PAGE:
2017 Nissan Maxima Review


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2017 Nissan Maxima Overview

Boasting the completely new look it received for 2016, the 2017 Nissan Maxima midsize sedan, now in its eighth generation, furthers its aspirations of entry-level luxury by offering a combination of unique dimensions, distinctive features, and comfortable accommodations.

After hearing repeatedly that the mid-range Maxima too closely resembled its Altima cousin, Nissan apparently decided enough was enough and gave the 2016 Maxima a comprehensive redesign with a lowered profile to complement its relatively wide stance, updated boomerang headlights and taillights, a sleek V-Motion grille, and a somewhat ethereal roofline that’s intended to convey the impression of floating along above the body.

Already in dealer showrooms, the 2017 Maxima is available in 5 trim levels: S, SV, SL, SR, and Platinum. All variations are only available with front-wheel drive (FWD) and sport 14.3 cubic feet of trunk space. A little larger than a true midsize sedan and not quite as big as a full-size 4-door, the Maxima offers plenty of room for the driver and front passenger; but its sloping roofline cuts down on rear-seat passenger headroom, and rear-seat legroom is also less than adequate for the average adult.

Nissan has announced that higher-level 2017 Maxima trims will gain Apple CarPlay iPhone capability as an upgraded standard feature to be integrated into the NissanConnect infotainment suite. Perhaps in a nod to its recent embrace of the British term “bespoke”, Nissan will also offer 2 new dealer-installed accessory packages for the 2017 Maxima: the Medallion Package and the Dynamic Package. Look for a rear spoiler, puddle lamps, interior accent lighting, and 18-inch alloy wheels in the Medallion Package, while the Dynamic Package also includes a rear spoiler, along with illuminated door sills and side skirts.

The 2017 Maxima’s drivetrain will include the recently up-powered 300-hp 3.5-liter V6 powerplant mated with a continuously variable transmission (CVT) to put out 261 lb-ft of torque. Recent tweaks to the V6 include sodium-filled valves that will withstand the higher compression ratio and higher combustion temperatures that are the results of the extra 10 ponies that were added for the 2016 model year.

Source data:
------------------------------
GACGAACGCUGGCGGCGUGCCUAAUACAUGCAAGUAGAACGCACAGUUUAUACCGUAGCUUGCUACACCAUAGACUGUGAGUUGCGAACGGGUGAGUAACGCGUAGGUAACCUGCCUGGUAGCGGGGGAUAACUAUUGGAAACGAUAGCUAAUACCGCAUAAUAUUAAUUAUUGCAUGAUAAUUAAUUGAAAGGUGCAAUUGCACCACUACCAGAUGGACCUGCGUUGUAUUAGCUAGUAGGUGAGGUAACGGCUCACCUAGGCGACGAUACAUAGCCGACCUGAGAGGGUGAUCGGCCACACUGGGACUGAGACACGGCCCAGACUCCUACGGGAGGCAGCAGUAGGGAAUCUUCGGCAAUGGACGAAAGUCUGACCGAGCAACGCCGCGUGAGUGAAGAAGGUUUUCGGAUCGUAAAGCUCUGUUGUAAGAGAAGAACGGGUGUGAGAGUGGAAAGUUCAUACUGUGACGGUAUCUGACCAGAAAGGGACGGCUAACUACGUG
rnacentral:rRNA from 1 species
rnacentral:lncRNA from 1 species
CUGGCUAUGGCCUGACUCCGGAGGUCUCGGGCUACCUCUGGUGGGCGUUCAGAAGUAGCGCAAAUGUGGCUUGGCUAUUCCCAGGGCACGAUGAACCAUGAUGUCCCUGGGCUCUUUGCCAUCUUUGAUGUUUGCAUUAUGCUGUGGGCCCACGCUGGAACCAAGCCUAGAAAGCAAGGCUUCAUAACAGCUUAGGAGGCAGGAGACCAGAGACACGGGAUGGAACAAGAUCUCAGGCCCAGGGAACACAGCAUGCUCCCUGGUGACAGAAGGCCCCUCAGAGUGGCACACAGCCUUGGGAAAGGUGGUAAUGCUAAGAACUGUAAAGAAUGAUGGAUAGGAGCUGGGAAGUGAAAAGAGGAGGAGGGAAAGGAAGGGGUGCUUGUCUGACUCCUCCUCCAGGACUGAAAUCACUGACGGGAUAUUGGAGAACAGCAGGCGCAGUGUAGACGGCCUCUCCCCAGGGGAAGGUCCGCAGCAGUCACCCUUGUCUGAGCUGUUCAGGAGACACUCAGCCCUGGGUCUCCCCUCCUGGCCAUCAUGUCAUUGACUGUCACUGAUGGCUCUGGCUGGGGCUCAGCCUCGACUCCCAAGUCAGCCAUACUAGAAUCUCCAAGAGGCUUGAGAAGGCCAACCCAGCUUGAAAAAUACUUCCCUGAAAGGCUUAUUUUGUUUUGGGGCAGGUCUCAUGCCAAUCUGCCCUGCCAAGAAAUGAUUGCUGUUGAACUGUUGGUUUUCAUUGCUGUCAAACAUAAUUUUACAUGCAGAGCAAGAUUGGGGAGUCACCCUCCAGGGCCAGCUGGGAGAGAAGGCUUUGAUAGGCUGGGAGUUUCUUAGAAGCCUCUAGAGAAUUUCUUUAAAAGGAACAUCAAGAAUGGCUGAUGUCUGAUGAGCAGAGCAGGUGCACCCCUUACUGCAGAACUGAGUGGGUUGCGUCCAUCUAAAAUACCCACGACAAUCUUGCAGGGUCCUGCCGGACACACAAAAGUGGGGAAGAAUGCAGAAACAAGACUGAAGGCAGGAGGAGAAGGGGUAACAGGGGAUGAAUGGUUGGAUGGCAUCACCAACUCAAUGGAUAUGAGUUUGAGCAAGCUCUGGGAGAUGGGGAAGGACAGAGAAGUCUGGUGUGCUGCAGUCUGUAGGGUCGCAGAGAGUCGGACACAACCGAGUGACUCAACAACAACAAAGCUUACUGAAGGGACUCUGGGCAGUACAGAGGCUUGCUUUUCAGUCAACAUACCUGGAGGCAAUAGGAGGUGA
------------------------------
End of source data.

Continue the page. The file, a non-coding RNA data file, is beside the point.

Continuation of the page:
The Xtronic CVT, with a D-Stop arrangement that allows quick shifts for fast getaways on green, is a noteworthy improvement over the last generation’s CVT, but track tests had the 2016 Maxima going from 0-60 mph in 6.1 seconds, about average for the typical family sedan. Fuel-efficiency figures are currently estimated at an impressive 22 mpg city/30 highway/25 combined.

Nissan's liberal use of high-strength steel in the Maxima’s frame, along with a 4-wheel independent suspension complemented by unique monotube rear shock absorbers, gives all trims a boost in ride and handling capabilities. The sporty SR trim also offers a standard oversized front stabilizer bar and 19-inch wheels.

This reinvented 4-door has rapidly gained favor among value-seeking consumers for its comparatively extravagant interior appointments, which go heavy on leather upholstery and genuine stitching in higher trims, while the Advanced Drive Assist Display offers fingertip control of the 8.0-inch center-stack touchscreen. A new “Swipe to Meter” feature allows the driver to swipe the GPS navigation map from the center stack screen to a 7.0-inch driver information display located in the instrument cluster.

Standard safety features aboard the 2017 Maxima SL, SR, and Platinum include forward collision warning and automatic emergency braking, adaptive cruise control, rear cross-traffic alerts, and blind-spot warnings.

The National Highway Safety Transportation Administration (NHTSA) gives the 2016 Maxima its best 5-star rating overall, while the Insurance Institute for Highway Safety (IIHS) awarded the Nissan its highest rating of Good on all tests, with the exception of second-best Acceptable scores for the headlights and the LATCH child-seat seat anchoring system's ease of use.


Have Laptop. Will Travel. I'm retired and travelling the country in a 34' motor home. I'm really digging meeting people . . and sometimes their cars . . . getting a sense of what makes this nation tick. The plan is to visit all the national parks in the continental US, then cruise to Alaska to visit Denali, and to Hawaii to check out Haleakala and the Hawaii Volcano's national parks. Anyhow, when I'm not horsing the motor home around the roadways, I'm tooting around in the 2012 Ford Focus that we tow behind, or making runs to Home Depot and various malls with the 2004 F-150 that just won't die.

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